He went from someone who didn’t want to live to someone who loves every single day.

This golf coach says, “No matter how bad things seem, you were meant to win.”


Wills Murray“My earliest childhood memories are of constant fear,” says Wills Murray. As a skinny kid with crooked teeth, somewhat shy and reserved with social anxiety, he was an easy target for bullies, which made his issues even more difficult to handle. He never spoke to anyone about his feelings, thinking they were all his fault.

He started playing baseball at age 5, and his talent soon became clear. He also saw the joy it brought others when he played well. Baseball was the first place where he wasn't scared and didn't feel inferior. As an adult, he now understands that his self-worth shouldn’t have depended on other people. But then baseball was the key to happiness and making people like him. He had friends, his family was happy, and everything was great as long as baseball was going well.

“I tried to end my life.”

Although he was highly recruited to play college baseball, a knee injury ended his career during his senior year of high school. Believing his key to happiness had disappeared, Wills turned to alcohol, and he stayed in his room with no lights on for days at a time. Sometimes he slept for three days, sometimes 18 hours a day. When his grandfather passed away, and his best friend was sent to jail, he saw no hope of ever having a meaningful life. He reached the point of feeling that everyone would be better off, including himself, if he wasn't around anymore. “I tried to end my life,” he says, “with alcohol and prescription drugs.”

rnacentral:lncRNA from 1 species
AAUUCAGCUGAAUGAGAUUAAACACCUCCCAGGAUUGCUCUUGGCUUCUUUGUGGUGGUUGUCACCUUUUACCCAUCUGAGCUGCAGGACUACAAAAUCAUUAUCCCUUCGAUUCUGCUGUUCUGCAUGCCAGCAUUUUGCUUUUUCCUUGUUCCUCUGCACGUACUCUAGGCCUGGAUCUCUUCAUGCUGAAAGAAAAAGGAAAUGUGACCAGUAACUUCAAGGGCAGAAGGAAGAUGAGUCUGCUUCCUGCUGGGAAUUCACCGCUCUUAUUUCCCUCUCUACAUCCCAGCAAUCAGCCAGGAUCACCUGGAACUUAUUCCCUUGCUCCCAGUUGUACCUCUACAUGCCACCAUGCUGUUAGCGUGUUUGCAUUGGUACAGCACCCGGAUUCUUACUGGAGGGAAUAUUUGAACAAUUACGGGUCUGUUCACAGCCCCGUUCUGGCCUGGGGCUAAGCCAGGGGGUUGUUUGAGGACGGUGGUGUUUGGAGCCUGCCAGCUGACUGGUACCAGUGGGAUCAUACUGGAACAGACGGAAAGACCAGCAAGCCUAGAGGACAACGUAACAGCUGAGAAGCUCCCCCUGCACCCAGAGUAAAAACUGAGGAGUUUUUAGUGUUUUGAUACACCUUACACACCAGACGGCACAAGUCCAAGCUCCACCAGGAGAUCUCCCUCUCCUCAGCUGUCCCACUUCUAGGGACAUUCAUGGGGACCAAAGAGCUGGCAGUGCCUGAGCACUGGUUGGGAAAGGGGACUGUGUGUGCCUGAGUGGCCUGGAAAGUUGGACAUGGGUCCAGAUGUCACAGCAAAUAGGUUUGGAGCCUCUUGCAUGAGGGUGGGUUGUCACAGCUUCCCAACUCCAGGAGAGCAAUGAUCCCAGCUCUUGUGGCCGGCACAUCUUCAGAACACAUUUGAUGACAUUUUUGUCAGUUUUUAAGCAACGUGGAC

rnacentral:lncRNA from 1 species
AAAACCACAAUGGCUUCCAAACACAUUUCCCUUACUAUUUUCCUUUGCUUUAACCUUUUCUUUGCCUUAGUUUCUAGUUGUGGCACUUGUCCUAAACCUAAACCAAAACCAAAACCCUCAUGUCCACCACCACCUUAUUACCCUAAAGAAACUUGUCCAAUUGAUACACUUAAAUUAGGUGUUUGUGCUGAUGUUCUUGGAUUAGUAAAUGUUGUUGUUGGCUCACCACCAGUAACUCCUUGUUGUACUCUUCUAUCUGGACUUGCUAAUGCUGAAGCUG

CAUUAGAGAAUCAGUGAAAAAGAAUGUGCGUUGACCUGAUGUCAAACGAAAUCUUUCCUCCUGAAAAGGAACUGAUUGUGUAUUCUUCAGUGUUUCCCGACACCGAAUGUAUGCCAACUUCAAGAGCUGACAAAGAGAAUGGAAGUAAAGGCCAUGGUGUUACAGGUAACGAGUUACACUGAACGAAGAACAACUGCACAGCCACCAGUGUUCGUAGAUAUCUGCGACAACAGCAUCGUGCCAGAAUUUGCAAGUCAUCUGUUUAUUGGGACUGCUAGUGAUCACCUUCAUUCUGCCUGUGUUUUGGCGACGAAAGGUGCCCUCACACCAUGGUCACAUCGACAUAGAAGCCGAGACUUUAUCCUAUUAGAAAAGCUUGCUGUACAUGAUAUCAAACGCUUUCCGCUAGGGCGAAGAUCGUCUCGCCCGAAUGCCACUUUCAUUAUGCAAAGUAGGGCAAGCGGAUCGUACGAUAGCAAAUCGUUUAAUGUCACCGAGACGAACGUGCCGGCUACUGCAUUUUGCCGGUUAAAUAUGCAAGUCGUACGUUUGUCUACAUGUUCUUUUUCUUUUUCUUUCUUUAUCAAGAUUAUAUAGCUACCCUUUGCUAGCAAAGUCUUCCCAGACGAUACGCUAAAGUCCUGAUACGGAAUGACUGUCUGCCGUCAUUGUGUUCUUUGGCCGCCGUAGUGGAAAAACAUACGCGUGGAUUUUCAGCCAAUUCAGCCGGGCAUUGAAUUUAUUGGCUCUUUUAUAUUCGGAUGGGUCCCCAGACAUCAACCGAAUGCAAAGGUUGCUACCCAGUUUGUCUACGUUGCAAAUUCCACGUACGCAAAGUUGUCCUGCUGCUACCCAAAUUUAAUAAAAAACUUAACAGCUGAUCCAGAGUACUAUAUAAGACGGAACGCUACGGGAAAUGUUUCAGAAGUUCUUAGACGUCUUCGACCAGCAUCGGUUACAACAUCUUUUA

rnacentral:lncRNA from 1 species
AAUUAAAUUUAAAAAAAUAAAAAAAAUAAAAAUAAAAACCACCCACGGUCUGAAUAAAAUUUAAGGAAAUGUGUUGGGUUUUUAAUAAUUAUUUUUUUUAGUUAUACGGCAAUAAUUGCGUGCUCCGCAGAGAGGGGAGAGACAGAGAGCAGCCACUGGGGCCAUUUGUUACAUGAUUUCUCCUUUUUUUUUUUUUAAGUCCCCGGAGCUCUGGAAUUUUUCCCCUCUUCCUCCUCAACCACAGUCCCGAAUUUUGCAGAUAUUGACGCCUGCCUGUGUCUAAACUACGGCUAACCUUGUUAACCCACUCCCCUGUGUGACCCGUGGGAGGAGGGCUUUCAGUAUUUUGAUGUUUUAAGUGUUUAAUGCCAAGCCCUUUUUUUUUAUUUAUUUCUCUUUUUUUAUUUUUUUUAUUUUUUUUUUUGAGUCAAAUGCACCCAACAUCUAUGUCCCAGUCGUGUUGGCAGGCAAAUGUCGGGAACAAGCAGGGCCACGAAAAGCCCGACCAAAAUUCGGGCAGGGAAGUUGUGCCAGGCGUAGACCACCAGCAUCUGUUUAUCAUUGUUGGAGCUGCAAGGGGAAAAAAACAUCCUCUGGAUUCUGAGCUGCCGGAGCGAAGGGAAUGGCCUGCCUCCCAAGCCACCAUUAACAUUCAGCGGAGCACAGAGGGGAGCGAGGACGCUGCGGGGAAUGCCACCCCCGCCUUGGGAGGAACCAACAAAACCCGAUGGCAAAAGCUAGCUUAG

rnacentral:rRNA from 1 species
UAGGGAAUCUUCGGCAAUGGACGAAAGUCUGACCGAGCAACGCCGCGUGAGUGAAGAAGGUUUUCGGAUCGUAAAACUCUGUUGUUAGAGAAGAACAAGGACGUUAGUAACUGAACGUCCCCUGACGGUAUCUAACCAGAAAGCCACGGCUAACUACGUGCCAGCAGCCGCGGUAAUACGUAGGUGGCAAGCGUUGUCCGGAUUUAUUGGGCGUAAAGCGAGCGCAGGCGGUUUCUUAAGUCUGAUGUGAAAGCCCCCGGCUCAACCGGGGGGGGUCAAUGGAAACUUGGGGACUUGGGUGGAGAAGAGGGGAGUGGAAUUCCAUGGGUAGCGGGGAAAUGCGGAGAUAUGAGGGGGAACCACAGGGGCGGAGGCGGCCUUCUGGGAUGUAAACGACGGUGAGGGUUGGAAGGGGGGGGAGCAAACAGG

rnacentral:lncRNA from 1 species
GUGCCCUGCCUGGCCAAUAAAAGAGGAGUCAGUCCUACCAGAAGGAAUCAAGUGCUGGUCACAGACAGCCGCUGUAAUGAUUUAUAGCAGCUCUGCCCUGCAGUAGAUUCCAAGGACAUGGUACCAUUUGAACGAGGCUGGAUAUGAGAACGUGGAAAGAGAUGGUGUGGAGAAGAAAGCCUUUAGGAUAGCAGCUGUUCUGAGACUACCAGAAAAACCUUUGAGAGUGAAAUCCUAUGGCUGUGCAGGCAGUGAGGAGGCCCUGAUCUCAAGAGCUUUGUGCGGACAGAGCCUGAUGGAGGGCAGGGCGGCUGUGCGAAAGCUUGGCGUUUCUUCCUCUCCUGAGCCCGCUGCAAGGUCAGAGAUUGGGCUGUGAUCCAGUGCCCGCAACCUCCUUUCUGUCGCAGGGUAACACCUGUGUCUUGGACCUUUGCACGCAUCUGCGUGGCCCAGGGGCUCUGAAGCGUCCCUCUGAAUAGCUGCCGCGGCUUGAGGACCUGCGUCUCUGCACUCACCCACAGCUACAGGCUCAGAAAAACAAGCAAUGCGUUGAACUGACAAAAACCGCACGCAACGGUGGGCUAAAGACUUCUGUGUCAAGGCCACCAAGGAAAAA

Rebuilding and Triumph

After getting professional help, he was diagnosed with generalized anxiety disorder (GAD) and panic attacks. He discovered that his feelings came from always expecting a crisis to occur, and he was preparing his body for some sort of emotional trauma. He learned to rationally look at his surroundings and himself, and he learned to control his reactions to negative emotions.

His process of rebuilding himself included taking up golf, deciding that being a golf coach would be his platform to reach people. Encouraged to go after his dream of being a PGA tour coach, he moved to Florida to learn from respected and admired coaches. They taught him many lessons to help him understand that his thinking about himself was the key to everything and how thinking creates feeling.

Golf is now his platform to tell his story. “No matter how bad things seem,” he reminds others, “you were meant to win. Take it from someone who once no longer wanted to live and who now loves every single day.”

Donate to ADAA today

When you make a donation to ADAA, you are helping those who suffer from GAD, panic, and other anxiety disorders and thoughts of suicide get treatment and find happier lives. Please give.


Wills Murray is a golf coach in Kissimmee, Florida.